The following column is the opinion and analysis of the writer.

Last month, a 16-year-old Swedish high schooler with Asperger’s did her best to shame adults who should know better into taking urgent action against climate change. And everyone there essentially patted her on the head and went on with business as usual.

Greta Thunberg wasn’t the only young person to speak at the United Nations Climate Action Summit, but she is the most well-known and the inspiration for an international youth movement focused on saving the earth in the next decade.

Dozens of climate-justice groups have launched across the world – including AZ Youth Climate Strike — since Thunberg began her Fridays for Future school walkouts in August 2018. While some of the marches and protests are peppered with graying heads and Gen-X hipsters, the real urgency is coming from high schoolers like Thunberg. It is to them that this column is addressed.

To every young activist out there: Thank you for channeling your fear, rage and energy into cutting class, stopping traffic, affecting the news cycle and speaking truth to power.

But I’ve got some bad news. The grownups you’re trying to change – the ones who appeared to listen so raptly to your U.N. testimony or welcomed you in their council chambers or congressional offices – they are all counting on one thing: That you will give up. They’re hoping that you’ll eventually get overwhelmed with trying to save the planet and go back to planning prom. They are ever so desperate for you to sit down and shut up.

I’m begging you to do the exact opposite and have a few suggestions on how you can stay the course.

1. Get bolder. Yes, continue to shut down freeways and show up to meetings with major world leaders. But also stage sit-ins at the offices of local, state and national politicians, company CEOs, and anyone else with the power and influence to combat climate change who is slow-walking that change. Call, email and stalk them on social media. Ask them why they don’t love their children and grandchildren enough to take action. Reach out to their children and grandchildren and bring them over to the cause. Then they can ask the hard questions of Gramps over Thanksgiving dinner while you’re writing a letter thanking the handful of politicians who’ve refused campaign donations from the fossil fuel industry.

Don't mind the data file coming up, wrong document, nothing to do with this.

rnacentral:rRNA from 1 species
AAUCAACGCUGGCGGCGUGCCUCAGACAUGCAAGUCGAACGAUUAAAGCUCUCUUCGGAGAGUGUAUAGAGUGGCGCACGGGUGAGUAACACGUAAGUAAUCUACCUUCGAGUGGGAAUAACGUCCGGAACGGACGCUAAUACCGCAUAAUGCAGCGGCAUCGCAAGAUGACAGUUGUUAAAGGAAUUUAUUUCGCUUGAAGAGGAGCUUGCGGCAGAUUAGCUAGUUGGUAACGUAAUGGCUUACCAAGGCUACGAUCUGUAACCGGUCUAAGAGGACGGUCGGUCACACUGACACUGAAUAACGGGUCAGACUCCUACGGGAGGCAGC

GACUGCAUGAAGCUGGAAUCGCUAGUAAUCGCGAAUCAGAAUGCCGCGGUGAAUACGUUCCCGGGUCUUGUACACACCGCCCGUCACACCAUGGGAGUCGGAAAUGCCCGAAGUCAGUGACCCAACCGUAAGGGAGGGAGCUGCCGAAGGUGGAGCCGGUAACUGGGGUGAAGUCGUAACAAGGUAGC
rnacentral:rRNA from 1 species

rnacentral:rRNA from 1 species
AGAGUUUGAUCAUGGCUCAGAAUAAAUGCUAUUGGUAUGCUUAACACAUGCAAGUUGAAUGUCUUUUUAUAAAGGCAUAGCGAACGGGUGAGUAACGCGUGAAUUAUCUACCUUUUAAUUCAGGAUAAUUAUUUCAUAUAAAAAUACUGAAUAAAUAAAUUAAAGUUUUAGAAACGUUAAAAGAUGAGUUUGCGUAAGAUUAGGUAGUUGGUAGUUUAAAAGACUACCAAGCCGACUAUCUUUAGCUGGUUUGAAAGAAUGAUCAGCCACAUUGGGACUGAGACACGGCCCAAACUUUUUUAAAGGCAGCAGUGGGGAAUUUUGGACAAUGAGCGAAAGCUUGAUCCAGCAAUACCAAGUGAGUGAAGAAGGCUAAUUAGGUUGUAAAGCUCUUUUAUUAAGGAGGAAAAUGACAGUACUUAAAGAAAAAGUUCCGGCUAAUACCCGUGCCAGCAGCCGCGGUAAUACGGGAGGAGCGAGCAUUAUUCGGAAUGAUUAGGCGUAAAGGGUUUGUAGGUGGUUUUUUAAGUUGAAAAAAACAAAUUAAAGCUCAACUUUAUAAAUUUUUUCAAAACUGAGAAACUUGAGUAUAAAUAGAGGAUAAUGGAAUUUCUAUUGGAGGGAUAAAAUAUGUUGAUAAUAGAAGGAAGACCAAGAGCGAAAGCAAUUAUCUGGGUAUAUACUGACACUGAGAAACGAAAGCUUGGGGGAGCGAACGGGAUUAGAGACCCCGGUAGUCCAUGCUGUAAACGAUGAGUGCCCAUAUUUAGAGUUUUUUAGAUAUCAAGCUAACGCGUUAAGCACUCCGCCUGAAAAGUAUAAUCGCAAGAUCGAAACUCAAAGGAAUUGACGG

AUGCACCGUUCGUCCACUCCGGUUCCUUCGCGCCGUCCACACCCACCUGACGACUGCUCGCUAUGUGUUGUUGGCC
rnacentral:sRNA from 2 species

2. Those of you old enough to vote, do so, supporting climate candidates. Those of you not yet of voting age, campaign for candidates and political parties who put climate action at the top of their to-do list.

3. Educate your parents and grandparents and ask them to vote only for candidates who accept the science on climate change and want to get us back in the Paris Climate Agreement. If they say they can’t vote for that person, ask them what is more important to them than that you being able to live on a habitable earth. It’s an honest question that deserves an honest answer.

4. When relatives inquire as to what you want for your birthday or Christmas, ask them to meet with their political representative and push for climate action.

5. Most importantly, in six to 10 years, most of you will be able to do the one thing that will really matter: Run for political office. Protests can and do illuminate issues and put pressure on politicians. But making law and policy is how things change, and politicians are the ones who do both those things. A person can serve as a mayor, governor or in the U.S. House of Representatives at the age of 25 and in the Senate at the age of 30. Start planning and preparing for your first candidacy right now by participating in your student government, attending city council meetings and interning in your state legislature so you get a grasp of how governing works. Chose a college major that will be most beneficial in getting you on a path to politics and minor in something like environmental sciences or geography so you’ll have the information you need in a changing climate landscape.

No matter what you might have heard from naysayers, I’m here to say you are 100% correct that the only issue that matters for the discernible future is saving the planet on which we all live. So, please, don’t sit down and shut up. Keep standing up, get much louder and start planning that run for mayor, governor or Congress. You have my vote already.

Renée Schafer Horton is a regular Star contributor. She’s a big believer in facts and recommends https://climate.nasa.gov/ for people interested in a quick overview of facts around climate change. Reach her at rshorton08@gmail.com